IN JUNE, Declan Kidney lost a game of rugby in humiliating fashion. People spoke to him about pressure. And then in September, he lost Nevin Spence, hyped as the next Gordon D’Arcy, and even the most cynical have enough sentiment to distinguish between the pain of defeat and death.
Both hurt, of course. The ultimate professional, Kidney’s pride took a battering by the former event, a 60-0 drubbing in New Zealand. But Spence? That’s a different story.
As he told it in the lobby of the Aviva Stadium last week, it was interesting to see the Irish rugby coach’s guard come down. Normally, especially when receiving praise, he shies away from the attention. He can bristle at criticism too but his default setting is to exert an air of calm and control.
Spence’s death, though, triggers a change in his face. As he spoke of what happened, and how it affected him, there was no sign of mist in his eyes but as he spoke, tension raced to the surface of his face.
“When you’re living with a guy day-in, day-out and training with him, I can but imagine how the Ulster lads feel,” he said. “It’s much harder for them than us. Our thoughts and prayers are with his family, so they can learn to cope. You never get over it. You just have to learn a way of coping. That’s the same probably for all of us. It’s something you never want to see happen — people cut out in the prime of their lives, especially athletes. Conrad O’Sullivan was another lad in Munster who was a similar age, several years ago. He would still be thought of all the time within that camp and that would be eight years on. The good thing is Nevin will never leave us. It’s just a difficult thing to put into words.
“But the fact it was Nevin sort of dictates how we all react, though, because he’d probably be the first one to say ‘Cop yourself on, get on with it’.
“I know it’s easy to say but if there is an instruction you feel from him then they’re the ones you’re obliged to do because otherwise you’re disrespecting his memory. Everybody talks about pressure in jobs. That’s reality. That tells you to cop yourself on. One of the things I’ve been really lucky to learn out of professional rugby is that you always look at what you have rather than what you don’t have.”
What Kidney has at the moment is a team under-performing. Since his golden year — 2009 — they’ve hit a wall. The statistical change that saw his reign begin with 10 wins and a draw from his opening 12 games is striking. In the 33 games since a brilliant victory over South Africa at Croke Park, Ireland have won 14, drawn one and lost 18 of their matches — and worse again, six of those wins have been clocked up against lower-ranked opposition — Italy (three times), Russia, the United States and Samoa.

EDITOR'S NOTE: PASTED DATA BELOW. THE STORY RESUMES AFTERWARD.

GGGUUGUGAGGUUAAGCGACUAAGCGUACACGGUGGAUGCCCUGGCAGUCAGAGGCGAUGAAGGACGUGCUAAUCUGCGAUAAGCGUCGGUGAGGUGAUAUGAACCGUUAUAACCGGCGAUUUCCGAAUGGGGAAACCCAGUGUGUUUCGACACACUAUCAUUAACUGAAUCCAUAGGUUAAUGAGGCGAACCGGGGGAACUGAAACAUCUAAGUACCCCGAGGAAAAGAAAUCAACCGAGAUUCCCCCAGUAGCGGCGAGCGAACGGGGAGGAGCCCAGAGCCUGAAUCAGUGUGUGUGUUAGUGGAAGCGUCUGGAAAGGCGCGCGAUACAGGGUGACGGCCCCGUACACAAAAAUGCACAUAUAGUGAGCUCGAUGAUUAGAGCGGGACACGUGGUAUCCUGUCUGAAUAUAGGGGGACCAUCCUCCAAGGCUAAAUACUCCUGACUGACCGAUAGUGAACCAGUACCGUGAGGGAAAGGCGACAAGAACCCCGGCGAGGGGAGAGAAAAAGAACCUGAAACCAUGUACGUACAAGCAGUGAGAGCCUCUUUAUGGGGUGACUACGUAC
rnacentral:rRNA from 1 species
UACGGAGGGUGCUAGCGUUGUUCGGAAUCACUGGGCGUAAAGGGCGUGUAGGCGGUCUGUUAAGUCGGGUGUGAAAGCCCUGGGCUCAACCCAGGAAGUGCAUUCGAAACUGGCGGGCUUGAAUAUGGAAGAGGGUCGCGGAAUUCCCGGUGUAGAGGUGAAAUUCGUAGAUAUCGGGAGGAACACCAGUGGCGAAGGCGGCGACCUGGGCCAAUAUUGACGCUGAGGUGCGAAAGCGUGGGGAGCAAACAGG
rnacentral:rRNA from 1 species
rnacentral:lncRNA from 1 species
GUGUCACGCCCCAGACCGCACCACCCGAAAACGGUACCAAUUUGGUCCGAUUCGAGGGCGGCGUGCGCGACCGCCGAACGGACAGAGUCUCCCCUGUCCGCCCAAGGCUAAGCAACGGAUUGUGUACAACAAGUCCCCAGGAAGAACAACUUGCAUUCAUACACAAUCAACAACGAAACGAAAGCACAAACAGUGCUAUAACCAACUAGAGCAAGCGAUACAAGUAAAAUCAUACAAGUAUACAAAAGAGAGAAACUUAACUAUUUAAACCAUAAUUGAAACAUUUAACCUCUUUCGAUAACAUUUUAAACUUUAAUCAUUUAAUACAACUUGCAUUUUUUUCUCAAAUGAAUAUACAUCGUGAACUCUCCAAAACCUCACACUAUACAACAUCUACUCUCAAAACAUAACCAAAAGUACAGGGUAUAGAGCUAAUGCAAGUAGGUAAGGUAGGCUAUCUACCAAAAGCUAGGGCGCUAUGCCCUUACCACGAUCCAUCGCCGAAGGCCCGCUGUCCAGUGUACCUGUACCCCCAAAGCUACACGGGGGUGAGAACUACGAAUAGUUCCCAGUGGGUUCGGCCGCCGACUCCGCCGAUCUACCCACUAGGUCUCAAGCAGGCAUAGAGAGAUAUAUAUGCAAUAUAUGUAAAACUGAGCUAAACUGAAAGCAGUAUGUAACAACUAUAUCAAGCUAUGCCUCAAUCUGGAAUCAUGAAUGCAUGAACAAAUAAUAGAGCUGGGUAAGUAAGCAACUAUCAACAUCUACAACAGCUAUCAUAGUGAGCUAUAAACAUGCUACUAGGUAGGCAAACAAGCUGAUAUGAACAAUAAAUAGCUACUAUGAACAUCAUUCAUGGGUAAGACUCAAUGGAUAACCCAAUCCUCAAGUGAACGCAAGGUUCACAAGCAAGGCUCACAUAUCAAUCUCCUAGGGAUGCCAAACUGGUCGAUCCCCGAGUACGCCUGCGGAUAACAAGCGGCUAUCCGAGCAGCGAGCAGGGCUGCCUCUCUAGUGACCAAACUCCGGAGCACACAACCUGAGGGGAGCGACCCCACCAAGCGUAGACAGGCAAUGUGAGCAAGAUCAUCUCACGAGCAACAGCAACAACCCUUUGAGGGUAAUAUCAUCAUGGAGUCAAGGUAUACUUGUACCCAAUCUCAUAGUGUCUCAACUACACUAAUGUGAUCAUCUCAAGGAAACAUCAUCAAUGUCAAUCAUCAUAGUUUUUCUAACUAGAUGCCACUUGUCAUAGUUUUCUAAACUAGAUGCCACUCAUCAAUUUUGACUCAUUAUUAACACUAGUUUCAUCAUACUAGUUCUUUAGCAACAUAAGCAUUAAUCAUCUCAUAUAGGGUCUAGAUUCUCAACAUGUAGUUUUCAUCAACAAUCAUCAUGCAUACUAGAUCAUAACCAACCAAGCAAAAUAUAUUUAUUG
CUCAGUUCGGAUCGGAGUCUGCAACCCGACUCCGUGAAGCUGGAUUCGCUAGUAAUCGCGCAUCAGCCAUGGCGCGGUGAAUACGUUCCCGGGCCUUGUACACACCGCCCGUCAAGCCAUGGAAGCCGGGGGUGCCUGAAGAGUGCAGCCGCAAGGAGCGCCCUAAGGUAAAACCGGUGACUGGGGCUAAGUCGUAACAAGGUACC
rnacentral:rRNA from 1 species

The better teams, aside from Australia in the World Cup and England in a couple of Grand Slam encounters, have decoded the Kidney system. These days, Ireland lose — often narrowly, but they still lose. Yet if he is worried, he disguises his angst.
“To be back here in the stadium, playing against one of the top three teams in the world, that’s the reason you get into it. It’ll be a huge challenge, South Africa — you don’t win two World Cups and ever have a bad side. We’ve put our best foot forward in all the World Cups but they’ve actually gone and won two. That’s the size of the challenge. I’m not sure what the equivalent is in soccer but it’s like playing Kilkenny in hurling. It’s just a huge task.”
And one Ireland will probably fall short in. After all, what the New Zealand trip proved, was that this team has gone off the boil. Defeat by 60 points is a sporting version of the death by a thousand cuts metaphor.
“It’s not something you ever wanted to happen or that you enjoy having happened,” said Kidney. “But it’s not what happens in life but how you react to what happens. The same holds with Nevin’s tragedy. We can either put our heads in the sand or just come out and do what I know we can do.”
Interestingly, in an ideal world, what he would do is just build a team for the next World Cup and fill the intervening years by blooding new talent. But since rugby went professional, stadiums need to be filled for costs to be met.
“The utopia would be a nice thing. Provincially you can do that a bit more. You might have a two-month run in to a Heineken Cup match. That’s eight games. That’s a full international season. The Six Nations is the one that keeps both the provinces and national team on board. Once it went professional there was always going to be a financial aspect to it. That yearly competition is of bigger importance than even nearly the World Cup in terms of keeping the financial model going. You know what it is when you get into it. Utopia would probably allow you to do that but then you’d probably miss the excitement of it. Would these be dead-rubbers? November is far from dead-rubbers. You have to qualify for a competition three years out. You can see the effects on the draw. Scotland ended up ninth, three or four years ago, and ended up in a group with England and Argentina.”
For this reason alone, November is important. A victory over either the Springboks or Argentina will represent a good month. And it is a long time since the Irish national side had one of those.